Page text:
Suicide attempts are a manifestation of ill-being in children and occur most often in a situation of family conflicts. Preventive treatment is essential to identify children at risk to commit a suicide attempt. The involvement of various people in contact with the child is essential to identify children at risk (teachers, school psychologists, social workers) and address them for follow up. A psychiatric care in hospital is essential for all children who attempted suicide to avoid recurrences.

What is known about this topic

  • The suicidal attempt is going more frequent but still underestimated.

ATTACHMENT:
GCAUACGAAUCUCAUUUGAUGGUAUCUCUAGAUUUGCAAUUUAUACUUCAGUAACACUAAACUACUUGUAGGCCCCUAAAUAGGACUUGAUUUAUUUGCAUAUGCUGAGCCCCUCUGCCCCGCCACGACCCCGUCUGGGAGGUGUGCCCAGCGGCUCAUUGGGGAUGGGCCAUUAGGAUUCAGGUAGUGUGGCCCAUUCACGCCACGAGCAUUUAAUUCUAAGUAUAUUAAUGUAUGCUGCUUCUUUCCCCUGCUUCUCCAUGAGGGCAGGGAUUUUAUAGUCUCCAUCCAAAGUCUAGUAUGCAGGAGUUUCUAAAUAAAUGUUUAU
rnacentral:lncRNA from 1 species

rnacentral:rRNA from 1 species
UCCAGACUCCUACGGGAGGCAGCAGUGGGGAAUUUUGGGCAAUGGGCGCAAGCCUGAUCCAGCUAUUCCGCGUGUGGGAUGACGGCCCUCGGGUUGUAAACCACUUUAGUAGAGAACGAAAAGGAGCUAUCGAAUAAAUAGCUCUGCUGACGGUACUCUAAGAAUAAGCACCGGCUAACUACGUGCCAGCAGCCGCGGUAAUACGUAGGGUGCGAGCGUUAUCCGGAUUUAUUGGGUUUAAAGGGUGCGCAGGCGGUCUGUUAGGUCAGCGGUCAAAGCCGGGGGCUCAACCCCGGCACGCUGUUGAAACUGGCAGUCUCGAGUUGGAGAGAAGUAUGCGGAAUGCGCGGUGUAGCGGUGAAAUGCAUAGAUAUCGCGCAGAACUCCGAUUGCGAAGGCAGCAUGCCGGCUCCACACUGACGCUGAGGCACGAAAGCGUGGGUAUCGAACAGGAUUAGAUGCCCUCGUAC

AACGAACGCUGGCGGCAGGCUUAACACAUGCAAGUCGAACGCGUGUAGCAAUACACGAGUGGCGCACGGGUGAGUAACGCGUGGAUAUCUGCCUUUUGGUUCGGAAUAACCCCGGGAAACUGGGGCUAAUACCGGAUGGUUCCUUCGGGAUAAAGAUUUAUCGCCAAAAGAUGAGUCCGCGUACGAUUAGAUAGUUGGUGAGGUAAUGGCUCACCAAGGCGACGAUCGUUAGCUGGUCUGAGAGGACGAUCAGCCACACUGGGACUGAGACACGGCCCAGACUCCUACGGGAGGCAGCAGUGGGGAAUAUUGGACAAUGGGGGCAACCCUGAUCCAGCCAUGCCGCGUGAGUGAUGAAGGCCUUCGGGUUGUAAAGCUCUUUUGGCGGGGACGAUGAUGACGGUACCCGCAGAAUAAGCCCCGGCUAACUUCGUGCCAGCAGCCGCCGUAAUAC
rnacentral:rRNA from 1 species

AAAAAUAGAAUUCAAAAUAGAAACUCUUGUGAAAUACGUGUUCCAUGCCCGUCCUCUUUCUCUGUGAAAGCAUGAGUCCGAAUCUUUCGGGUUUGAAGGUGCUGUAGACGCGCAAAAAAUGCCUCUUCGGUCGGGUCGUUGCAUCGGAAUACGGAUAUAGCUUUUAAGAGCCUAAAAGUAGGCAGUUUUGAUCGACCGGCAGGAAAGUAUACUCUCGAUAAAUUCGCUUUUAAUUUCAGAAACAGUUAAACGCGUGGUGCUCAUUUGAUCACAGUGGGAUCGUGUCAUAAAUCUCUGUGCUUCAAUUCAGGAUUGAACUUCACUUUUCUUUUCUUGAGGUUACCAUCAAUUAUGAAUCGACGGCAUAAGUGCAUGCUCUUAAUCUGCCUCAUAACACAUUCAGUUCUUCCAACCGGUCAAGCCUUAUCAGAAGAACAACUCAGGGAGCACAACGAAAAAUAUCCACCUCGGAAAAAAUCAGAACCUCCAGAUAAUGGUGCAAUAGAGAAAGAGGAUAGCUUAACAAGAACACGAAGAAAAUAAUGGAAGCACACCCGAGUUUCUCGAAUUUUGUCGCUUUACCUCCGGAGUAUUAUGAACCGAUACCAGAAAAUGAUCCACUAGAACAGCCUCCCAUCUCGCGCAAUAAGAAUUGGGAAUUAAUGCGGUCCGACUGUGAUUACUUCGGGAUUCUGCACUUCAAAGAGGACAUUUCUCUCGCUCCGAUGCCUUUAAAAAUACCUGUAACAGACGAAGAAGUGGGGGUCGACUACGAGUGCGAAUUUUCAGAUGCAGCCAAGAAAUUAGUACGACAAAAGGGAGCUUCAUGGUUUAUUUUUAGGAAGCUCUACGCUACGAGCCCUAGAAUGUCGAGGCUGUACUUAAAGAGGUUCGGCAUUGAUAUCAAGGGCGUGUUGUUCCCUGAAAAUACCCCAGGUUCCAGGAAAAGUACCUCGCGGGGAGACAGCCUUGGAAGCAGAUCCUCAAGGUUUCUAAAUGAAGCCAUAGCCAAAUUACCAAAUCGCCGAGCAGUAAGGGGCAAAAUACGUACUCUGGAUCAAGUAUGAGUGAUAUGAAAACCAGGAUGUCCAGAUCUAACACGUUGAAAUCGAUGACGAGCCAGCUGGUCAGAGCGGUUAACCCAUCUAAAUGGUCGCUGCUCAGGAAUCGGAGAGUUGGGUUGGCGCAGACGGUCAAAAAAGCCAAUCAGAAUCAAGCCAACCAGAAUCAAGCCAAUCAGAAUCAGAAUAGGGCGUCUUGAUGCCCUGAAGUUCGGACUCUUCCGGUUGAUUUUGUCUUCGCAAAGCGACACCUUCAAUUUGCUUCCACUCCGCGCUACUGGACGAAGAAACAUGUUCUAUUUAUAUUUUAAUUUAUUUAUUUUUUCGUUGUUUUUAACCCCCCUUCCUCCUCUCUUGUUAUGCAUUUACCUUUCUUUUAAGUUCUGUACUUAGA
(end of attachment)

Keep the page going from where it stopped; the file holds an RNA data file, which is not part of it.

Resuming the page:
• It’s occurrence in adolescent.
  • Therapeutic measures include physical and psychological support.

What this study adds

  • Description of the underestimation of suicidal behavior in Arab Muslim context.
  • Illustration of the management difficulties in an African country.
  • A proposal of management strategy in a developing country

 

 

Competing interests Up    Down

Authors declare no competing interest.

 

 

Authors’ contributions Up    Down

All authors contributed to the drafting of this work. All authors have read and approved the final manuscript.

 

 

Acknowledgments Up    Down

We thank Mister Rida Lyamouri for reading, providing critical comment and correcting our languages errors.

 

 

Tables and figures Up    Down

Table 1: clinical manifestations at admission

Figure 1: presumed causes of suicide attempts

Figure 2: distribution of drugs used for suicide attempt

 

 

References Up    Down